you hired the wrong person.
chat with us
Everyone makes mistakes. It’s just human nature. But in business, few mistakes are more costly than hiring the wrong person. Those costs compound by the day and impact every aspect of your operation, so acting fast is crucial.
But don’t just take our word for it. Simply hiring and training a new employee can cost up to $240,000, according to the Society for Human Resource Management (SHRM), a considerable amount of money that’s now down the drain. Plus, your other team members now have to shoulder the burden of the bad hire’s workload. That can lead to burnout and turnover, which brings you back to the hiring process all over again.
In other words, the cost of a bad hire is pretty darn high — and it becomes even higher for each day you wait before taking action. In this article, you’ll learn:
In the end, you’ll have a clear plan of action for addressing a bad hire and making sure it doesn’t happen again.
The worst thing you can do after making a bad hire is to do nothing. Once you’ve exhausted every avenue for improving their performance, you need to get the bad apple off your team in a hurry. Leaving them in place can not only make more work for the rest of your team but also engender resentment and distrust among your direct reports.
If your bad hire didn’t work out because they simply didn’t have the right skills to perform on your team, consider whether they could be a better fit for another function within your organization. After all, you’ve already spent the time and money to hire them and get them acclimated to your company’s culture, so moving them to another team isn’t a total loss. If this is an option, determine who they would report to on the new team, and find out if that person is interested in taking your bad hire on — or if they even have open headcount. If the answer to both questions is “yes,” then begin the transition process as quickly as possible.
If, however, there’s no opportunity for reassignment — maybe there’s no matching role elsewhere in the company, or perhaps the hire is just a complete bust — then start the termination process ASAP. Work with your HR team or a professional recruiting specialist to build a plan for getting this person off your staff as fast as you can.
do a post-mortem.
You know what’s even worse than making a bad hire?
Doing it again.
Once you’ve removed the bad apple from your bunch, take the time to figure out how it happened in the first place so you can prevent it from happening again. There are three key areas where you and your team may have erred.
the job description.
Believe it or not, the brief cluster of bullet-pointed responsibilities you posted online months ago could have been the dealbreaker in this situation. After all, the description you post to a large degree determines the type of candidates who come knocking. You get the candidates you seek.
However, before you start typing up a description, be sure to take a step back and think holistically about the needs of your team and organization. Don’t rush to backfill for a recently departed full-time employee without first considering alternatives like shuffling organizational responsibilities or hiring temporary support through a staffing company.
Think hard about what your organization does — and doesn’t — need when writing job descriptions. For instance, overqualified hires, where more junior candidates would do just fine, come with higher salary requirements which could hurt your bottom line. That’s why writing precise job descriptions is so important.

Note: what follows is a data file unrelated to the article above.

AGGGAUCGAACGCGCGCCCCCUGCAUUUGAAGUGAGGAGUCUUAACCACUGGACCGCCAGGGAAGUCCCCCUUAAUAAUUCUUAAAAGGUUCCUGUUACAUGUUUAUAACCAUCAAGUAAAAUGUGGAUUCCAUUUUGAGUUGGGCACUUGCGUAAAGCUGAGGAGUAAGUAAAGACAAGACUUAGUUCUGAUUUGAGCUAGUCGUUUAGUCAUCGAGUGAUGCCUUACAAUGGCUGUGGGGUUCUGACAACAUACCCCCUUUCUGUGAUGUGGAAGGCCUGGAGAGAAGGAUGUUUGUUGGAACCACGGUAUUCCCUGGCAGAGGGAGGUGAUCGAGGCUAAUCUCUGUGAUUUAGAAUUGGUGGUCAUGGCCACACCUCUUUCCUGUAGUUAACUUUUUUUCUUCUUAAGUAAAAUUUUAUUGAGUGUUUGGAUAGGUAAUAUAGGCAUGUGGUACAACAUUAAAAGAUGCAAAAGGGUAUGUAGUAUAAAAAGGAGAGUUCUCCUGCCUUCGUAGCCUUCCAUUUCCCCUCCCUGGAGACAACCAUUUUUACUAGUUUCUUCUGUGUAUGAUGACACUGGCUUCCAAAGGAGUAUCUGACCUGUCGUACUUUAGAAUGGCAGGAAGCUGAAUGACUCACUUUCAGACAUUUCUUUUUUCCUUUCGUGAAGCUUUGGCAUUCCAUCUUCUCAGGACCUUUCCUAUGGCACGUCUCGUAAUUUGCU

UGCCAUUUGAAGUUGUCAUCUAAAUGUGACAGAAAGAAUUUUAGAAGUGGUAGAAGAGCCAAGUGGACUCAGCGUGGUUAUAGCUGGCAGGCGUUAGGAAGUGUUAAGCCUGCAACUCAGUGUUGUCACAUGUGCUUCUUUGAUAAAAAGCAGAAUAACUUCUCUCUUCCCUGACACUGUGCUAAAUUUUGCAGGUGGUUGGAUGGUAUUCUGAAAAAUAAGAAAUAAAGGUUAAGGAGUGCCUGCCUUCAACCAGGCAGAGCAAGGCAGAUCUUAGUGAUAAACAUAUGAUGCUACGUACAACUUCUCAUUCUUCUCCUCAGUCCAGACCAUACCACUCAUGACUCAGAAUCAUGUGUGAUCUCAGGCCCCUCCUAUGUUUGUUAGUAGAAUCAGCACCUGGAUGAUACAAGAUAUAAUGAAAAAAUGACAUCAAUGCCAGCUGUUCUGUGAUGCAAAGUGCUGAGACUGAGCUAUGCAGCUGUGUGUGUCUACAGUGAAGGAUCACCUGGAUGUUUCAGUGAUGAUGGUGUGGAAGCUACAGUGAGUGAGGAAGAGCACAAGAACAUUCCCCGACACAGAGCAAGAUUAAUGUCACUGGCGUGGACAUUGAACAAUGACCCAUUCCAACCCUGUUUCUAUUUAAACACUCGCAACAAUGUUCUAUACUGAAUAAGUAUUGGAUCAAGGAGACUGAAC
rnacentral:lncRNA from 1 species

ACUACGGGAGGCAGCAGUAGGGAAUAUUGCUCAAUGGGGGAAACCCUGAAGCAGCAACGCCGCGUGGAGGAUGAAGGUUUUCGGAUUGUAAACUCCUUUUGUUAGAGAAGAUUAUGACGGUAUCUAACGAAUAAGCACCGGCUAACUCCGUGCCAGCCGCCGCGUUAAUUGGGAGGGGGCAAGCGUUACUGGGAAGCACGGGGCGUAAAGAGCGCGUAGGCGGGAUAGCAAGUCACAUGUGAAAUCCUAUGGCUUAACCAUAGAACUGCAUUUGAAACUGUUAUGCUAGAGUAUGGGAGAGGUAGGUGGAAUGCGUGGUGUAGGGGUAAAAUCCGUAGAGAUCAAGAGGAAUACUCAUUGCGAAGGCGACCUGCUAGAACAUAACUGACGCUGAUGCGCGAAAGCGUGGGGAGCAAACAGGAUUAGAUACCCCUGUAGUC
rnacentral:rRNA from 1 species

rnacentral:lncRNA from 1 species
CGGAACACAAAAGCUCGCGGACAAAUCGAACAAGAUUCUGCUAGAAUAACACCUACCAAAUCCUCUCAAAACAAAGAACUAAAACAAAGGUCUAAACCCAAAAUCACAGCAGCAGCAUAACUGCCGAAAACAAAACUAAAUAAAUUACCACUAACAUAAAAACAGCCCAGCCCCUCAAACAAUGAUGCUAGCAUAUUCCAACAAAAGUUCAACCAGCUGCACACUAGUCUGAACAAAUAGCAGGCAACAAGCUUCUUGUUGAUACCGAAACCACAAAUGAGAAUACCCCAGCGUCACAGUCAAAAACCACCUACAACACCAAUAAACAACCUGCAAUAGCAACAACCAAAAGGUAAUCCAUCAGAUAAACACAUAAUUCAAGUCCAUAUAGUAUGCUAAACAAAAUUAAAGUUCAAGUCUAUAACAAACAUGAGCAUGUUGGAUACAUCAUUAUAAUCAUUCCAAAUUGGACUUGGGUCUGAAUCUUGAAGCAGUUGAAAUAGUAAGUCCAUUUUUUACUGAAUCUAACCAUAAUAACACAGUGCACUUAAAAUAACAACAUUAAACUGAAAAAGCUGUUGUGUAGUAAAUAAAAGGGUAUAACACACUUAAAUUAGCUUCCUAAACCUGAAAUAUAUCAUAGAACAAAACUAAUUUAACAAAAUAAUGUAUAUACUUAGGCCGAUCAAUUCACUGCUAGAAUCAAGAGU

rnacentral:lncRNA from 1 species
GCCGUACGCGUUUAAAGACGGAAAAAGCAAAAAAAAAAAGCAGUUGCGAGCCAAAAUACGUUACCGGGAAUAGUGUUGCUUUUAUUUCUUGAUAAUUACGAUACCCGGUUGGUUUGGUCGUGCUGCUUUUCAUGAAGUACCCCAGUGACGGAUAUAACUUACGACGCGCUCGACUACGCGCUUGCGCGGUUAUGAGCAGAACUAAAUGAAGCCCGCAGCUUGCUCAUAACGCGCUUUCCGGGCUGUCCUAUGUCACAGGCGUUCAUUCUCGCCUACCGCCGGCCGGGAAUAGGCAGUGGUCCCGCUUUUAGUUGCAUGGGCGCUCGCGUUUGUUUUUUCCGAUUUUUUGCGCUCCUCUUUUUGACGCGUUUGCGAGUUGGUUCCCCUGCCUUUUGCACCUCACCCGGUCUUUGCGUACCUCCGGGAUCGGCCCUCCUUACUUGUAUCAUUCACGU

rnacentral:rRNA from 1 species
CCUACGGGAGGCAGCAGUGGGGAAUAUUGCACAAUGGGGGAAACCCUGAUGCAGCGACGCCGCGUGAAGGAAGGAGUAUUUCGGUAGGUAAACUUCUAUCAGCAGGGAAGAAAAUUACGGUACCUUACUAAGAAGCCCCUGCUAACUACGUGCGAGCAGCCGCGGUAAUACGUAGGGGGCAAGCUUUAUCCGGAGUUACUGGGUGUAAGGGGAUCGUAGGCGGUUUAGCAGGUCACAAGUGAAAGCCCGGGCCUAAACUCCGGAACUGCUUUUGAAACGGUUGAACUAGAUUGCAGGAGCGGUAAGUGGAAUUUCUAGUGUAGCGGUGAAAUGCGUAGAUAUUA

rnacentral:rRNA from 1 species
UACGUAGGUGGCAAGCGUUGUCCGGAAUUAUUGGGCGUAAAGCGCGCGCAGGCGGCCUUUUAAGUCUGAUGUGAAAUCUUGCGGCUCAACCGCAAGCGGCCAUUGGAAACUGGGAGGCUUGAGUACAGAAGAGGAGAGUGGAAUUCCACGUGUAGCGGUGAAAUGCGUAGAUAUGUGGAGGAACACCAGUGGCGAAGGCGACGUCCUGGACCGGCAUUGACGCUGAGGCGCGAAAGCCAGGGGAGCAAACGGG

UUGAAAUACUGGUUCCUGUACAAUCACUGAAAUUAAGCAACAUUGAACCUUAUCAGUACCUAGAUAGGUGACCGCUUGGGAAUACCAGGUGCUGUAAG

If you wrote a stellar job description, great. Perhaps the issue was the interview. Everyone knows that candidates need to prepare for interviews, but it’s equally crucial that you’re ready, as well.
Create a set of well-rounded questions and assessments that tackle all three aspects of the job: behavioral, situational and technical. Also, don’t forget to take your time with this process. Simply skimming through resumes for a few keywords or inviting candidates in for five-minute discussions won’t cut it. You need to be as thoughtful with your hiring process as you expect your next hires to be with their work.
And while finding someone who can get the job done is crucial, it’s important to evaluate candidates on how well they would fit in with the rest of the team, too. A bad fit can damage team morale, cut productivity and create a company culture that will put you at risk of losing other employees down the line. At Randstad, we follow a model of looking for job fit, boss fit and company fit when considering potential hires. You might benefit from applying this rubric the next time you hire.
the training period.
This can be hard to admit. What if the core issue isn’t the new hire after all, but the poorly designed and executed onboarding process at your company? No matter the level of experience, starting a new job is never an easy thing. From learning the intangibles of daily work expectations to absorbing company policies and procedures, there are a thousand things that need to be accounted for in order to successfully onboard employees.
Never assume that a new hire will be 100 percent ready to go by day two — or by days three, four or five, for that matter. Be open to questions, and most importantly, invite new hires to speak up if they have concerns or moments of confusion during the onboarding process. Consider creating a buddy system or initiating an open-door policy for the first few weeks.
Making a bad hire is almost inevitable, but it’s also a learning opportunity — although a costly one, to be sure. With these tips in mind, you can act fast to curb the bad hire’s impact on your team and learn where you went wrong in the hiring process so it doesn’t happen again. It’s a mistake that you can’t afford to make twice.